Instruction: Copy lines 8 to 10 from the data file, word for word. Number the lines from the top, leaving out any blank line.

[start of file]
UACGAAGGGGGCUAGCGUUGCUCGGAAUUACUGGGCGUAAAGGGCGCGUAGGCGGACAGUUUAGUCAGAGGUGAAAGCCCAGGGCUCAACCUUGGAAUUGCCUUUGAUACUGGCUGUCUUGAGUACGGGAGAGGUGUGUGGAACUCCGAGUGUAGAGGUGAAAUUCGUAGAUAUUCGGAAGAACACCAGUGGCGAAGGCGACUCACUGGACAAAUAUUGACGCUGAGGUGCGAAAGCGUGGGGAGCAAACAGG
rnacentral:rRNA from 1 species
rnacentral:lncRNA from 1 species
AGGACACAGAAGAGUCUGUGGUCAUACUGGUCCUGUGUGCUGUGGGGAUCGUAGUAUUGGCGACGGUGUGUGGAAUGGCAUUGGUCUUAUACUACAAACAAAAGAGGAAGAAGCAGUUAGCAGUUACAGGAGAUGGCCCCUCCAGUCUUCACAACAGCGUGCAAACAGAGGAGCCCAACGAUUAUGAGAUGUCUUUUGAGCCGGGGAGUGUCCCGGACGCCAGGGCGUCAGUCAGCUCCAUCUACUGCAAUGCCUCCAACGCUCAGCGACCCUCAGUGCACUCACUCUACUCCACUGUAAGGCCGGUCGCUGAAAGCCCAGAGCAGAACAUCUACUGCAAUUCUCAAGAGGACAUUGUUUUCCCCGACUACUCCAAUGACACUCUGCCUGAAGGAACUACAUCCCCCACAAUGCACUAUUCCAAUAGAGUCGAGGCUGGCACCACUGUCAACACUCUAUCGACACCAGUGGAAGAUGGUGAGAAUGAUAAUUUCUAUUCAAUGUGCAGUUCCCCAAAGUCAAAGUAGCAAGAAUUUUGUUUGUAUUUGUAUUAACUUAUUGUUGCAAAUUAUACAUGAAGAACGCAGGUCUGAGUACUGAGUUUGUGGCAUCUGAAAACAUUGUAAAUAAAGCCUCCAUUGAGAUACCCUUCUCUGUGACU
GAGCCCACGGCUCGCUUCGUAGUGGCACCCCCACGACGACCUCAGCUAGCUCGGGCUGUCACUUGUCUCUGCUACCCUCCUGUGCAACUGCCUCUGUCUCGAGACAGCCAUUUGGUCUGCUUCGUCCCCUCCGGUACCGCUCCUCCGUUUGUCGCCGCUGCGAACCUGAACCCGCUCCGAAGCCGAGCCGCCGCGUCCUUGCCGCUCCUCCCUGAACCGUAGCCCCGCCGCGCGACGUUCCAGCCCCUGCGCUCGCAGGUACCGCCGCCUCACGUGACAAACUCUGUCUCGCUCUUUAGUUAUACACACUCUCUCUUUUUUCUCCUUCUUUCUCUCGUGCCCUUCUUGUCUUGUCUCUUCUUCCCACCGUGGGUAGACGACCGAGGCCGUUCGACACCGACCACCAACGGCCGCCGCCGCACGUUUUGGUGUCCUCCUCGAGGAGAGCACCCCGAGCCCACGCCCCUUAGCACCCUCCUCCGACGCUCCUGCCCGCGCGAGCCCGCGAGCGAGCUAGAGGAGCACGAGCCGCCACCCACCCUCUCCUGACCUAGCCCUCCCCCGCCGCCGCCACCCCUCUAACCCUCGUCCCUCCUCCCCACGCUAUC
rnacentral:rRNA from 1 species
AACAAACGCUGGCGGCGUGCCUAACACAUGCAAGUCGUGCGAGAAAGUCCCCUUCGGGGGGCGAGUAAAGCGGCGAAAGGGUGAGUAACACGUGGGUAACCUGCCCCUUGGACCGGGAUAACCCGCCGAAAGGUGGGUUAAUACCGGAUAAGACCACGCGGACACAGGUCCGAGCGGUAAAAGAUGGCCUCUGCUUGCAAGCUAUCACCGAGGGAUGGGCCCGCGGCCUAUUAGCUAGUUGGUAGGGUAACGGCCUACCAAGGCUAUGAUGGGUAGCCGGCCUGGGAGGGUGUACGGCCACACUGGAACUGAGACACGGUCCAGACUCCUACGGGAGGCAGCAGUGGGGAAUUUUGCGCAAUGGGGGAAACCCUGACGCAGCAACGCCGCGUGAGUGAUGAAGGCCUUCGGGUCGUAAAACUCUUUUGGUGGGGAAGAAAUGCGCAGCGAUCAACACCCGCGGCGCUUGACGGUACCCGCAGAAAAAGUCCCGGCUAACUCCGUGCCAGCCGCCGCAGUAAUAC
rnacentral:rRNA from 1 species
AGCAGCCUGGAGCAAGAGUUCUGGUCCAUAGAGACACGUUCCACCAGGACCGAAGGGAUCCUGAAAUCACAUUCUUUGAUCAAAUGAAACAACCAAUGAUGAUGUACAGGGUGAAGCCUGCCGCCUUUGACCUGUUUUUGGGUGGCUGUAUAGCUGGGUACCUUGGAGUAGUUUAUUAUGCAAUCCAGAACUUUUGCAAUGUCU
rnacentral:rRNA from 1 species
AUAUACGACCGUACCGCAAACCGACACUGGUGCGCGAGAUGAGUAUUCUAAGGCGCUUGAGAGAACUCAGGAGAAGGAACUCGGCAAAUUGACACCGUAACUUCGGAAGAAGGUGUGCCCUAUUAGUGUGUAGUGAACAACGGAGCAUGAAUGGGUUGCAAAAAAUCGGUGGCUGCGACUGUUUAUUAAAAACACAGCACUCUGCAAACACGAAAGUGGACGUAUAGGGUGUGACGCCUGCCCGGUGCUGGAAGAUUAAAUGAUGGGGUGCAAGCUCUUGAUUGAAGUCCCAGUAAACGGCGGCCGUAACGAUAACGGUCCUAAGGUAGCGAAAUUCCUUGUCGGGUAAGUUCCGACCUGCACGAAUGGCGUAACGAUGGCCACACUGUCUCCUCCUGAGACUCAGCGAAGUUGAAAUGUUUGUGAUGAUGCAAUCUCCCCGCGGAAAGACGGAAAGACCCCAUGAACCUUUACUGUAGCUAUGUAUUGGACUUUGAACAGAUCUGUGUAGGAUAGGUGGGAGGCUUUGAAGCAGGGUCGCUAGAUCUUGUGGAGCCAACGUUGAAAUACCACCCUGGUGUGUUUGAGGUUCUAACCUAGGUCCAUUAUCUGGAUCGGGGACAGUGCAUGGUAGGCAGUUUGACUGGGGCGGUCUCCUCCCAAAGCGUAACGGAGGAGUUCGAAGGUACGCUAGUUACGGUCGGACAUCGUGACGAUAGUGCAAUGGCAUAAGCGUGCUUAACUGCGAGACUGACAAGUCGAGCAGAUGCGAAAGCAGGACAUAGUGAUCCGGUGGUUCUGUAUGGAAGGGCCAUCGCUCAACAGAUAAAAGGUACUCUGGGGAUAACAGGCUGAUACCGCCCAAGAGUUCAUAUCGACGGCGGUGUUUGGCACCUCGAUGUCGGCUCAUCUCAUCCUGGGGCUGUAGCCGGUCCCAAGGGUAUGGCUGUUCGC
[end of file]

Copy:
rnacentral:rRNA from 1 species
AGCAGCCUGGAGCAAGAGUUCUGGUCCAUAGAGACACGUUCCACCAGGACCGAAGGGAUCCUGAAAUCACAUUCUUUGAUCAAAUGAAACAACCAAUGAUGAUGUACAGGGUGAAGCCUGCCGCCUUUGACCUGUUUUUGGGUGGCUGUAUAGCUGGGUACCUUGGAGUAGUUUAUUAUGCAAUCCAGAACUUUUGCAAUGUCU
rnacentral:rRNA from 1 species